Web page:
Moral Low Ground


Obama Cites Sony, CENTCOM Hacks in Call for More Robust Cybersecurity Laws

(White House photo)

(White House photo)

Citing recent cyber attacks against the Pentagon and Sony Pictures Entertainment, President Barack Obama on Tuesday called on Congress to pass sweeping legislation aimed at boosting US cybersecurity.

“With the Sony attack that took place, with the [Pentagon Central Command] Twitter account that was hacked by Islamist jihadist sympathizers yesterday, it just goes to show how much more work we need to do — both public and private sector — to strengthen our cybersecurity to make sure that families’ bank accounts are safe, to make sure that our public infrastructure is safe,” Obama said during a meeting with congressional leaders.

The White House issued a statement detailing measures the president will reportedly propose during next week’s State of the Union Address. These include improving consumer confidence by tackling identity theft, safeguarding student data through the Student Digital Privacy Act, passing the Consumer Privacy Bill of Rights and adopting a voluntary code of conduct for utilities and third parties in order to “improve consumer awareness, choice and consent, and controls on access.”

Obama also called for more law enforcement tools to fight cyber crime, including prosecuting individuals who sell botnets, criminalizing the foreign sale of US financial information like credit card and bank account numbers, expanding federal authority to shut down botnets engaged in criminal activity and deterring the sale of spyware used to commit identity theft.

Additionally, Obama proposed greater information sharing between the government and the private sector on cyber threats. Under the president’s proposal, corporations would be granted protection from liability related to the sharing of private data.

“Neither government nor the private sector can defend the nation alone,” the president said during a Tuesday afternoon visit to the National Cybersecurity and Communications Integration Center in Arlington, Virginia. “It’s going to have to be a shared mission — government and industry working hand in hand.”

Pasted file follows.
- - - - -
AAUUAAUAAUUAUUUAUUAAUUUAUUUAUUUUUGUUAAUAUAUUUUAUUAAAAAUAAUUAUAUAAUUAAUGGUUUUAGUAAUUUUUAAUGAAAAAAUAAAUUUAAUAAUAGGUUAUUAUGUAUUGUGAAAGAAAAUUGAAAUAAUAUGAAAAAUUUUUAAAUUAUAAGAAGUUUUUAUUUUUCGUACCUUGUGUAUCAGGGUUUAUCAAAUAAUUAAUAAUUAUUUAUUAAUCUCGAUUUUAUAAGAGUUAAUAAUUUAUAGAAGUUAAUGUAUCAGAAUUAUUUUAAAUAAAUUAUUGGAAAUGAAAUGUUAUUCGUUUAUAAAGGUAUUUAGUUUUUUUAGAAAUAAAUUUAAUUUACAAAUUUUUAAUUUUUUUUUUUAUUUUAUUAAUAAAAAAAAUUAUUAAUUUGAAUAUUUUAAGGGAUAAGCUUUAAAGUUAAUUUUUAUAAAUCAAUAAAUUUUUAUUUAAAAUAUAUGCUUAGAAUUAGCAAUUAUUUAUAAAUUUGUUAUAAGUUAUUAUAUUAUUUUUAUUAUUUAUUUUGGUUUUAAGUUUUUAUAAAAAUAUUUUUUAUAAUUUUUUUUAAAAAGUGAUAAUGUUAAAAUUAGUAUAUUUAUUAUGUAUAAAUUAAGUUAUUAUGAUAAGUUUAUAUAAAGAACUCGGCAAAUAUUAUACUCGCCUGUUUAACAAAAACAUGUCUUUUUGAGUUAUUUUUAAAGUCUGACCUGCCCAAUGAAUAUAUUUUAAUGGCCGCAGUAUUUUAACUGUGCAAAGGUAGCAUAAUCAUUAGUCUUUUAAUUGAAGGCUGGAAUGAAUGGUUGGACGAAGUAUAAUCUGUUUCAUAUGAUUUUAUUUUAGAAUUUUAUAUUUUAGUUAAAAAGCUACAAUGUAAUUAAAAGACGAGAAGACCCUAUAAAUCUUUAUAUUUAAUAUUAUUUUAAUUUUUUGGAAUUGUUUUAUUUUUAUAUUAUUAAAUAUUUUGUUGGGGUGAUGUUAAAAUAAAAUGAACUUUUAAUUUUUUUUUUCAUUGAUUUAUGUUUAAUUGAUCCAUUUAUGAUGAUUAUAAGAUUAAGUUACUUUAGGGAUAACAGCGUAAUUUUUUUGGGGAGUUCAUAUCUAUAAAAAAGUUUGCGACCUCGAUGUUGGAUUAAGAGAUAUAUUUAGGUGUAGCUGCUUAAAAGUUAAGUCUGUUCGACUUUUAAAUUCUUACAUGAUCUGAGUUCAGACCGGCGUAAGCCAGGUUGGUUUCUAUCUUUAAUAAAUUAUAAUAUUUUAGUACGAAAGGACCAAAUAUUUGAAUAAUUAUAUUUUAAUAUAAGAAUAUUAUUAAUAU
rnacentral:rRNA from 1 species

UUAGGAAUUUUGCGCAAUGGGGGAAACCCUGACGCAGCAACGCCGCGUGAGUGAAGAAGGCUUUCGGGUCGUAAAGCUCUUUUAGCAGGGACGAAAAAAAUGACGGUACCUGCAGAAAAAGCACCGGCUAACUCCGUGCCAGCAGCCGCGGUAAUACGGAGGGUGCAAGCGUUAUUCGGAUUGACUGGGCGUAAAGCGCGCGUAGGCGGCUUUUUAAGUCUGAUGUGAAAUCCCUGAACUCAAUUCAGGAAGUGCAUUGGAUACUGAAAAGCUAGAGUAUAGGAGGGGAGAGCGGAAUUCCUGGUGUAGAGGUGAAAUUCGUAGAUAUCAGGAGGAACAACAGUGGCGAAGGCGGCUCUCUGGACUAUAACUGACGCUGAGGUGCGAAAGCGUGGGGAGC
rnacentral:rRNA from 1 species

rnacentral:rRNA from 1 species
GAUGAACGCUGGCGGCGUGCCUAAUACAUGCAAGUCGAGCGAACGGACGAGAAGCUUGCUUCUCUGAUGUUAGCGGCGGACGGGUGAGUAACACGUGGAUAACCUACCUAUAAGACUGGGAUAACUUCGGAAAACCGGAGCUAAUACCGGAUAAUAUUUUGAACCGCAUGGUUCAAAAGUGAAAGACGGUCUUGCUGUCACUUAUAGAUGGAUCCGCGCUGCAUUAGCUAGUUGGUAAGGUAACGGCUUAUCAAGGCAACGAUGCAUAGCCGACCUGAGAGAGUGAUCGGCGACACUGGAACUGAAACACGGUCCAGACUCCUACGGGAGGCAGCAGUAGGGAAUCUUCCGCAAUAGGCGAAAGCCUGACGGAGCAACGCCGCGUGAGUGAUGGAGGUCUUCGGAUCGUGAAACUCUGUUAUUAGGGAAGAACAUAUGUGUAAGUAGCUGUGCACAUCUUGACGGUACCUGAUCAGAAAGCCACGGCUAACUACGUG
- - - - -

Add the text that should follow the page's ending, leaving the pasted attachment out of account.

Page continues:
The White House said the new proposal “promotes better cybersecurity information sharing between the private sector and government, and it enhances collaboration and information sharing amongst the private sector.”

CBS News reports Obama discussed the issue of cybersecurity with House Speaker John Boehner (R-OH) and Senate Majority Leader Mitch McConnell (R-KY) in the hope that Democrats and Republicans could work together to tackle the problem.

“I’m hopeful that in the spirit of cooperation and putting America first, we can be in position where, at the end of this year, we’ll be able to look back and say we’re that much better off than we were when we started the year,” Obama said.

Boehner countered that the Republican-controlled House has already passed numerous measures aimed at preventing cyber attacks against private corporations, but that these bills often died in the Senate, which until this month was controlled by Democrats.

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